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Games, Disability and Anti-Discrimination Laws

A disabled gamer recently lost a lawsuit against Sony to force them to provide him with help playing games. Lawyer Jas Purewal asks: should gamers be protected by anti-discrimination laws?

[This post is reproduced from http://www.gamerlaw.co.uk/.  You can speak with Jas via Twitter: www.twitter.com/gamerlaw 

Sony succeeded last week in defeating a lawsuit by a disabled US gamer, who had claimed last year that Sony games like EverQuest violated the Americans With Disabilities Act by denying him "full and equal enjoyment" to the games. The gamer, Alexander Stern, who apparently has impaired vision, argued that Sony should provide him with "auxiliary aides and services" so that he could enjoy the games fully and compete with other gamers equally.  This has got me thinking about an interesting issue: should gamers be protected by anti-discrimination laws? 

So what do anti-discrimination laws do?

The key purpose of anti-discrimination laws is to ensure that employers/providers of services in the public sphere cannot discriminate against a person on the basis of his/her personal characteristics (e.g. physical disability, belief, gender, nationality, ethnicity etc).  In the UK, the principal legislation which sets out these protections are the Equality Act 2006 and the Disability Discrimination Act 1995.The 'public' element is critical: anti-discrimination laws generally only cover things that happen in public.  So, for example, it is generally illegal to refuse someone else access to a restaurant based on their nationality, but you could refuse them access to your home for pretty much any (peaceful) reason.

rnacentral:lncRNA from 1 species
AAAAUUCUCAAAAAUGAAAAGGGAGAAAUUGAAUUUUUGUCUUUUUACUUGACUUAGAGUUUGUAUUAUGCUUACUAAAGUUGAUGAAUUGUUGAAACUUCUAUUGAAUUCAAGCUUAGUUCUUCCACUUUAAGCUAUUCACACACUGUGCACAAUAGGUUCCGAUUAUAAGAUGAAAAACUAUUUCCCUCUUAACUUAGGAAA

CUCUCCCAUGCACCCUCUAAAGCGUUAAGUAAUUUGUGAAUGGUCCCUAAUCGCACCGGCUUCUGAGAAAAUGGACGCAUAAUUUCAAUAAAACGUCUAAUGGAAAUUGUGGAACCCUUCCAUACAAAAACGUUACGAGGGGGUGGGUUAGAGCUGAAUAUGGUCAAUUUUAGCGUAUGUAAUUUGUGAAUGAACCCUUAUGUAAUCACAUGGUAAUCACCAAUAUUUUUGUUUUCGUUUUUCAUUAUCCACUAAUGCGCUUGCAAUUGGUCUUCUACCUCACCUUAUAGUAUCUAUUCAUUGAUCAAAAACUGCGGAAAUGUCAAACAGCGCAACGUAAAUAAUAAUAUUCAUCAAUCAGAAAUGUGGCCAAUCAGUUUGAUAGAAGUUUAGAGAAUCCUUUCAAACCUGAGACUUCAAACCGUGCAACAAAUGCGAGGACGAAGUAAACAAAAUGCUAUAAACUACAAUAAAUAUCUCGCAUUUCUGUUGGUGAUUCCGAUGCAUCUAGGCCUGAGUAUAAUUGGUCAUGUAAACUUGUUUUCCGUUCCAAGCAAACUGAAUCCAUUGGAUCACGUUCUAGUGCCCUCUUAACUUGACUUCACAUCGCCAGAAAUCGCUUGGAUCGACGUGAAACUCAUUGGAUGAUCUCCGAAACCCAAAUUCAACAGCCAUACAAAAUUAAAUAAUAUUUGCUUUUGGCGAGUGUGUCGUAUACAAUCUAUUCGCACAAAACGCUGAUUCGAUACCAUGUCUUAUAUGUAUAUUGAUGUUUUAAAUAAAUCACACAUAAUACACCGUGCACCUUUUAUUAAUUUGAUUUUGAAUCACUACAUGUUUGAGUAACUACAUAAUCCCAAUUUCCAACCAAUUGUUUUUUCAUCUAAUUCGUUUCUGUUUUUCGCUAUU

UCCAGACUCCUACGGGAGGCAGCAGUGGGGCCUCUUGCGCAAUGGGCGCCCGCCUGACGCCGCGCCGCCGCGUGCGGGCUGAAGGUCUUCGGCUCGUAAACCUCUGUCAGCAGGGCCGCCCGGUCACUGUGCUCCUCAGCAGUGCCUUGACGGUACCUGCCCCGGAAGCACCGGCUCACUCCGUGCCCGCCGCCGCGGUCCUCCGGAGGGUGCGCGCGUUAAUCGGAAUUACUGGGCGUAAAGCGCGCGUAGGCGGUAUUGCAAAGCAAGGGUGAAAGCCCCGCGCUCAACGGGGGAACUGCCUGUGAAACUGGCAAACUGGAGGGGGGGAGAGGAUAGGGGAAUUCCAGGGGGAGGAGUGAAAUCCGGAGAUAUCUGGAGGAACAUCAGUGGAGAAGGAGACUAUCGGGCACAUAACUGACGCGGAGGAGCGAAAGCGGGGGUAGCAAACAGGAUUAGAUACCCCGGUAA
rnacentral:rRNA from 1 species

It’s important to bear in mind that anti-discrimination laws do not generally apply between private individuals.  If person A makes racist comments to person B, that’s not a matter for anti-discrimination law (it might be a race-related offence in your jurisdiction, though).  In other words: discrimination laws only kick in where you need something from someone, but they won’t give it to you because of your personal characteristics.